Over a decade ago I sat in front of my computer staring at a blank screen, trying to decide what to say. Finally, the words came to me, and I wrote, “Be courageous and write in a way that scares you a little.”
I’d spent the last few months dreaming and planning with my (in)courage co-founder Stephanie Bryant and now the site was almost ready to launch. We’d spent many hours praying and imagining what this community could become. Back then we talked about it like God’s beach house — a place where you could put your sandy, dirty feet on the table, laugh late into the night with your friends, and hear God’s voice perhaps clearer than anywhere else.
We’d reached out to writers and invited them to be part of the adventure. The yes responses had enthusiastically come in, much to our amazement. Now on this particular day, I was crafting a letter to the original contributors to help them write their first post.
I thought a lot about what I wanted to say to them. Most publications back then were still telling their writers to hold back, sound the same, don’t share too much or get too personal. But that’s not what I sensed God wanted from us. So instead of rules and guidelines, I told them, “Be courageous and write in a way that scares you a little.”
That line became one that we repeated to each other through the years. DaySpring recently created a journal with that quote on the cover. It’s sitting on my desk now and with all that’s going on in our world, I’m thinking again about what courage really means — not just for writers but for all of us.
When I said “be courageous” over a decade ago, I meant dare to put yourself out there. What does that mean now when life looks like social distancing and staying at home? Thankfully, I don’t think walls get in the way of courage. Even if we can’t open the door to our homes, we can still open the door to our hearts. Even if we can’t go the places we want to, we can still go where we’re called. Even if we can’t get together, we can stick together.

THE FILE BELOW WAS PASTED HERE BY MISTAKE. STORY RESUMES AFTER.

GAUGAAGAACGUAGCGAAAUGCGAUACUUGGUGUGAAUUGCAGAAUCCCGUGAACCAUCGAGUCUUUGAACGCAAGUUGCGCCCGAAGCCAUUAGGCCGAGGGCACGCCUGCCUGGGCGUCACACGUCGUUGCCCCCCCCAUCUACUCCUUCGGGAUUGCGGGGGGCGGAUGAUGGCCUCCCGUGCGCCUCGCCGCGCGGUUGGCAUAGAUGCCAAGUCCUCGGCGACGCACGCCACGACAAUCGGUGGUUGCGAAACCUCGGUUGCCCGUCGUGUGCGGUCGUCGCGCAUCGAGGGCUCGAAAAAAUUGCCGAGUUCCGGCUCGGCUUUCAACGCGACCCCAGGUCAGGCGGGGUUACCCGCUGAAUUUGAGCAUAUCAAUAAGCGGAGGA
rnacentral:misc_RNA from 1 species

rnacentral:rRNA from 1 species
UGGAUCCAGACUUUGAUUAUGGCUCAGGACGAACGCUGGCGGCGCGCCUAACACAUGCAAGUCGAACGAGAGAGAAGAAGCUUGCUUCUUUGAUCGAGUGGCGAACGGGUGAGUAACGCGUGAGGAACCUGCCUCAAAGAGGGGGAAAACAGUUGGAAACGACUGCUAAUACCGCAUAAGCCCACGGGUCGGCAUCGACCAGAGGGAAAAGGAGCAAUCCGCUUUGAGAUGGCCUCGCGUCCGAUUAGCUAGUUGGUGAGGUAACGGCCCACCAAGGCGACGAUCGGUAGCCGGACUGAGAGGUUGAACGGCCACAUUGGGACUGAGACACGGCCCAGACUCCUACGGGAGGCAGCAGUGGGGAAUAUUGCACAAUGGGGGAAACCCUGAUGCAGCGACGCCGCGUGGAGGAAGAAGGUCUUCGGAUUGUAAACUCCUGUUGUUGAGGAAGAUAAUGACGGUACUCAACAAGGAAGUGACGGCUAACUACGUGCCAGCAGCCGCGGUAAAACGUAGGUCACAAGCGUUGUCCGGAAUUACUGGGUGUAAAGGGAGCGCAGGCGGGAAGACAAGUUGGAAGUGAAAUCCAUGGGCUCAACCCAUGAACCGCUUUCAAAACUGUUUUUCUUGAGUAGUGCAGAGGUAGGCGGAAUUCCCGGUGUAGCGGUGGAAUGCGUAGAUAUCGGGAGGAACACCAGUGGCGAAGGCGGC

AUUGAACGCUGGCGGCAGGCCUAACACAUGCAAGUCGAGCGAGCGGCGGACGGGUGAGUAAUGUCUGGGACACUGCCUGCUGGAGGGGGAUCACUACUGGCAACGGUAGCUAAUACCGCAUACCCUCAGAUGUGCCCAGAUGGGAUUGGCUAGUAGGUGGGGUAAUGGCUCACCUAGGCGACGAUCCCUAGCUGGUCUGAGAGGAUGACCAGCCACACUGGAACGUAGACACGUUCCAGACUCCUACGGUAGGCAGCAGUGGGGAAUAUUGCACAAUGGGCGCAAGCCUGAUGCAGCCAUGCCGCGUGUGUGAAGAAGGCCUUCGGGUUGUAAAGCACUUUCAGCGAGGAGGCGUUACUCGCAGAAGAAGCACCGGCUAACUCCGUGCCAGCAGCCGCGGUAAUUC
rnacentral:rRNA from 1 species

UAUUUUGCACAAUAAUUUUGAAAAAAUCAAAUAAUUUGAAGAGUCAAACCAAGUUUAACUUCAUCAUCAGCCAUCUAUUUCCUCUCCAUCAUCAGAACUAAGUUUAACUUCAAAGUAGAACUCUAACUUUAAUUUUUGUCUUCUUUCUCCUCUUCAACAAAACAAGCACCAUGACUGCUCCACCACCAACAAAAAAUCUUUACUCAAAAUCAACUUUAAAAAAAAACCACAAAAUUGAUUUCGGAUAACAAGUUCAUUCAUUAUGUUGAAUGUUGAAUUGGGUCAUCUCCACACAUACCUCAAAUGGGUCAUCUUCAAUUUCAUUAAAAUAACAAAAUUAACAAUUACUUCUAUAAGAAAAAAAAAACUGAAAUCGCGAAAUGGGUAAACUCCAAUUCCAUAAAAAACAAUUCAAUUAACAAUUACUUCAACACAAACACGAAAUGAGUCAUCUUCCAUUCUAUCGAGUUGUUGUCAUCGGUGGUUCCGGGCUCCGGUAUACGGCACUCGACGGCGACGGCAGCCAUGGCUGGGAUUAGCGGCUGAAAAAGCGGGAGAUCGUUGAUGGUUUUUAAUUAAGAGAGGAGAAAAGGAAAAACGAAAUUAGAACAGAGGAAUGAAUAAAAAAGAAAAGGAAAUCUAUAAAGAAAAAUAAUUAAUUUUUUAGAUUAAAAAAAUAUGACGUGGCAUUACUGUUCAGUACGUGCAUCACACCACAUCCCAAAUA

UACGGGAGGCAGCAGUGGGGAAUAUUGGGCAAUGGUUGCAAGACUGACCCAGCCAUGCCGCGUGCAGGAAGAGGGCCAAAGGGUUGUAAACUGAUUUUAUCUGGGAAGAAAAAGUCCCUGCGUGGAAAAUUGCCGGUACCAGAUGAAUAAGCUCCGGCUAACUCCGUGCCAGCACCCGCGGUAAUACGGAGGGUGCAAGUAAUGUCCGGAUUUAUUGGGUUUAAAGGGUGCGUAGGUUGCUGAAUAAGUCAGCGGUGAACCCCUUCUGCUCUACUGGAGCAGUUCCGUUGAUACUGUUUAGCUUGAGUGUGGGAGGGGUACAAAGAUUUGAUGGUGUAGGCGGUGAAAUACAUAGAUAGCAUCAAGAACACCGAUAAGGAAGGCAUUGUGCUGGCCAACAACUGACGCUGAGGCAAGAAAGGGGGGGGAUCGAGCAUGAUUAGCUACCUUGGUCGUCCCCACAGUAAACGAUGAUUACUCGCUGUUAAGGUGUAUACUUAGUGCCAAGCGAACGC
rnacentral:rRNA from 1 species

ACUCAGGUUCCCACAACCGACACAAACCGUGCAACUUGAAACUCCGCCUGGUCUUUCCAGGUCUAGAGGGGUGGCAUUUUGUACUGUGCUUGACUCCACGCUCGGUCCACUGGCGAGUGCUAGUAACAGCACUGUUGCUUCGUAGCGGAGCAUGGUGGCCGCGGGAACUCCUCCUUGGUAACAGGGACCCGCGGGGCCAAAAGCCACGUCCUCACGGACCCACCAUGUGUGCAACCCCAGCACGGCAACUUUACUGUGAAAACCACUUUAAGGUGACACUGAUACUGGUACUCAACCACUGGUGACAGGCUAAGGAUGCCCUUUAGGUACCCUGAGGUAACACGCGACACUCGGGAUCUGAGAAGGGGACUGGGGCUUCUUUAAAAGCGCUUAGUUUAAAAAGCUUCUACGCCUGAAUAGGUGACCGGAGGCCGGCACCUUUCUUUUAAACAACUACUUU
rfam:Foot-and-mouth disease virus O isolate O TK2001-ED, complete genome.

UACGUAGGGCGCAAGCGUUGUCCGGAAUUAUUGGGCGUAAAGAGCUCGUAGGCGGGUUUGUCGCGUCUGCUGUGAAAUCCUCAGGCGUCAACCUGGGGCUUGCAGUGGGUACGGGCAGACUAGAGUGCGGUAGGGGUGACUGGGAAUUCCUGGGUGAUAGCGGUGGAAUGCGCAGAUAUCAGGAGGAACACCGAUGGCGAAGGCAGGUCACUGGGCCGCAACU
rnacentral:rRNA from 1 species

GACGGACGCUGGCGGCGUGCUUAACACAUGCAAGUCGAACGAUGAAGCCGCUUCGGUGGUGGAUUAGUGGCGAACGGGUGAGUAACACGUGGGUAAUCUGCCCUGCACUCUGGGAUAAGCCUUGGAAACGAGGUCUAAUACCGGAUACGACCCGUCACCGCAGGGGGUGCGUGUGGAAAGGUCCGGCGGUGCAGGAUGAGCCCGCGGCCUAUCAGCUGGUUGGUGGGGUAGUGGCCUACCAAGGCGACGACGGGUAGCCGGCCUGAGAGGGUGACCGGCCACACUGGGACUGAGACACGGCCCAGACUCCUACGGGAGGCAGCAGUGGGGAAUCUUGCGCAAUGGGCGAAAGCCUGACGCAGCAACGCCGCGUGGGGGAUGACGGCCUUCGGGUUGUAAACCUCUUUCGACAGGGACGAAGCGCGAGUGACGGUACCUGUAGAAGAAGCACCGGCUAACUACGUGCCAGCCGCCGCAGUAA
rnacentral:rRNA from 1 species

I first wrote those words to writers, but I’d like to say them to all of us today. Just change the phrase to what it looks like for you now.
Be courageous and help in a way that scares you a little.
Be courageous and parent in a way that scares you a little.
Be courageous and work in a way that scares you a little.
The reality is we’re all afraid right now. But there’s more than one kind of fear. There’s the kind that comes from external circumstances, like COVID-19. But there’s also the kind of fear that we experience when we choose bravery, when we do hard things, when we discover an inner strength we didn’t know we had. I want us to embrace that kind of fear.
Because people need what you have to offer more than ever before.
Even if you can’t change all the world’s problems, you can still change one life at a time.
And if you do just one small, unseen thing, it’s still enough to make a difference.
I extended an invitation to the original writers of (in)courage all those years ago. I’m extending a similar invitation to you, the (in)courage community, today:
Let’s be courageous and love in a way that scares us a little.
Are you with me?
Holley loves helping writers so she created a course, Be a Kick-Butt Writer by Friday, to give you clarity, confidence, and courage. The world needs your words of hope and encouragement more than ever before.
Even if you can’t change all the world’s problems, you can still change one life at a time. Let’s be courageous and love in a way that scares us a little. - @holleygerth Click To Tweet Leave a Comment